Baku improves positions in ranking of world financial centers

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Baku improves positions in ranking of world financial centers
Baku has improved its position in the rating of the world's largest financial centers, which is published every six months by the financial consulting company Z/Yen Group Ltd. The capital of Azerbaijan took 105th place.
Report informs citing the Global Financial Centers Index 30, published on Friday, that Baku climbed two steps, overtaking St. Petersburg, which immediately dropped 22 lines to 110th position, and Tehran, which lost 13 lines to end 109th.
New York retains the leading position in the ranking of the largest financial centers in the world. It outstrips London by 22 points.
Hong Kong moved up to the third place, lagging behind the British capital by 24 points. It is followed by Singapore, San Francisco (up to seven positions at once), Shanghai, Los Angeles, and Beijing with a difference of one point. Next comes Tokyo, and the top 10 is closed by Paris, which moved up the list by 15 positions at once. Moscow has moved up seven places and now occupies 50th place (between Tel Aviv and Calgary).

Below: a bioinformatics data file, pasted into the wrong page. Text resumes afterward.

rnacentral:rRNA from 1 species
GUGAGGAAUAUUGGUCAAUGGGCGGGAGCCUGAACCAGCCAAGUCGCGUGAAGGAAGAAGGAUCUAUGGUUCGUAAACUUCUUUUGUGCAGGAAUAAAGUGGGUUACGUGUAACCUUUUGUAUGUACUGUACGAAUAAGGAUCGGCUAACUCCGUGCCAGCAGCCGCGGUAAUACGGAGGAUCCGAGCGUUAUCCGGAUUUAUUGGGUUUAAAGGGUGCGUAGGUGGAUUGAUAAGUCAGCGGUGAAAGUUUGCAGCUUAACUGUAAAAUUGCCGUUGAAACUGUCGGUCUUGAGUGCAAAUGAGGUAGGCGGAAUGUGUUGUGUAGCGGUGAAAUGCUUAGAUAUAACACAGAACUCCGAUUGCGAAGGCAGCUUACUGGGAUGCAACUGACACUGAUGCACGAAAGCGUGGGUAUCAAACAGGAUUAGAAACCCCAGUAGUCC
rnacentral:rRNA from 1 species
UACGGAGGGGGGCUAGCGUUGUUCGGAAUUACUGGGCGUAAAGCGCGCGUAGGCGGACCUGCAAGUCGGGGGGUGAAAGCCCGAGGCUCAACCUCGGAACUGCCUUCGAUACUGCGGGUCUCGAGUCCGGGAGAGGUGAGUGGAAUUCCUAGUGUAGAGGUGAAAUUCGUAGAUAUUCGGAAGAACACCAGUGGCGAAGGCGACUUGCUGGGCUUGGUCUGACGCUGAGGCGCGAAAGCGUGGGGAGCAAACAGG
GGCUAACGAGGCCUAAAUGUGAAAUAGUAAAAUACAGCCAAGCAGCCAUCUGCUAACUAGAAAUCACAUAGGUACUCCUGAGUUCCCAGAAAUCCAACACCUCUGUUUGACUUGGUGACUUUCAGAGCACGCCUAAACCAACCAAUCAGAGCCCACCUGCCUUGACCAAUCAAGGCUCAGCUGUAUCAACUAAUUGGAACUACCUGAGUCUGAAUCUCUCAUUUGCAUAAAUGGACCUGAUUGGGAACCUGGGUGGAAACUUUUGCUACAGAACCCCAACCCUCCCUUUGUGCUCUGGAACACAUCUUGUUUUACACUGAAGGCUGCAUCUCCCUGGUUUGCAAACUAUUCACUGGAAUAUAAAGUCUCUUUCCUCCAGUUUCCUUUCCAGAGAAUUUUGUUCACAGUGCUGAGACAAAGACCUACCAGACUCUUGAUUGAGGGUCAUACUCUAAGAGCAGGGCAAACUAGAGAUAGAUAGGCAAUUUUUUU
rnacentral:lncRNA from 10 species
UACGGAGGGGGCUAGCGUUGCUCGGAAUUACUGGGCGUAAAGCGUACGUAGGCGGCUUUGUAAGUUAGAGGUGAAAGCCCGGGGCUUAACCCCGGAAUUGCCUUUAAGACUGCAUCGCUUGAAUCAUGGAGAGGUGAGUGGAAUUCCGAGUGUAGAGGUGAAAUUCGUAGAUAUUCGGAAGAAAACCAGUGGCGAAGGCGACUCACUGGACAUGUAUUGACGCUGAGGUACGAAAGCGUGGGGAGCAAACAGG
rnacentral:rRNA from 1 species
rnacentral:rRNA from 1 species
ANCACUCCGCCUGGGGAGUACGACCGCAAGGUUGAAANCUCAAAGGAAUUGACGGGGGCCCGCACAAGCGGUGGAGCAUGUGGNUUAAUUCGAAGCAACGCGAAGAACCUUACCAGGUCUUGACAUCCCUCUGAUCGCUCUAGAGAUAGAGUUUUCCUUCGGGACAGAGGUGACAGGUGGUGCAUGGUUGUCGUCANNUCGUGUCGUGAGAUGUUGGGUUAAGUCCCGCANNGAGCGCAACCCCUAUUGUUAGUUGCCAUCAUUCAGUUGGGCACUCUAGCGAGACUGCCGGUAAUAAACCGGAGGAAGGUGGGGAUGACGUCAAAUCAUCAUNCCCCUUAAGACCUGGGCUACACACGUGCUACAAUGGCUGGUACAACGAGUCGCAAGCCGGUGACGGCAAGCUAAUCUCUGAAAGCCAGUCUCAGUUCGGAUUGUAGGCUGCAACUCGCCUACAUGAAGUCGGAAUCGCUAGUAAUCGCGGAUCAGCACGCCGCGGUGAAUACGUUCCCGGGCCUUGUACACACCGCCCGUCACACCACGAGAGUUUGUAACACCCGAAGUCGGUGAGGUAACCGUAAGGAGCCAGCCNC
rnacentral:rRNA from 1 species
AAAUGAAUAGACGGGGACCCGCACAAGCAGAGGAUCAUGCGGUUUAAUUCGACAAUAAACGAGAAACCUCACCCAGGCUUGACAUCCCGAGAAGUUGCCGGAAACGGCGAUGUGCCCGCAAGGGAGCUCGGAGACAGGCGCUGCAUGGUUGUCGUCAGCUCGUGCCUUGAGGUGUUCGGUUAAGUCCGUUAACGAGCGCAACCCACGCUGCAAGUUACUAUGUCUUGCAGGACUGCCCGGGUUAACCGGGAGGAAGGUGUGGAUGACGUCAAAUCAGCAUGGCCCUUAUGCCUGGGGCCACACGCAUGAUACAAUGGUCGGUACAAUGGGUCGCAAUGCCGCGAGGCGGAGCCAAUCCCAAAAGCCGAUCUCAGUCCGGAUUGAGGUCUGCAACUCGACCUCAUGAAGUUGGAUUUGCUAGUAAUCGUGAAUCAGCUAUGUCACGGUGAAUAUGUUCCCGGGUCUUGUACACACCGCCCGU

Nur-Sultan climbed three lines - to 75th place, Almaty - to eighteen and is now in 83rd place.
The World Financial Centers Index was first published in 2007 and is updated every six months (the current issue is the 30th in a row). This time it included 116 cities, Kigali (the capital of Rwanda) and Lagos (the capital of Nigeria) were added. In addition, there are ten associated centers awaiting inclusion in the main index.
In general, the average rating of financial capital cities decreased by 12.9 points (2.05%). The change is small, but this is the third in a row.
These factors indicate that some distrust of the global economy remains along with the geopolitical and internal processes, the authors of the report said.
The ratings of the Asia-Pacific centers as a whole fell in the GFCI 30, according to the study held, and respondents from that region show that they rate Chinese centers in particular as less favorable than before.
North American centers performed well in GFCI 30. This likely reflects renewed optimism about the US and Canadian economies as they emerge from the pandemic, the report said. Figures in New York and London indicate that the financial services sectors in these cities have managed to maintain their performance, despite radical changes in working over the past 18 months.
The last rating was compiled based on a survey of over 12,860 respondents.

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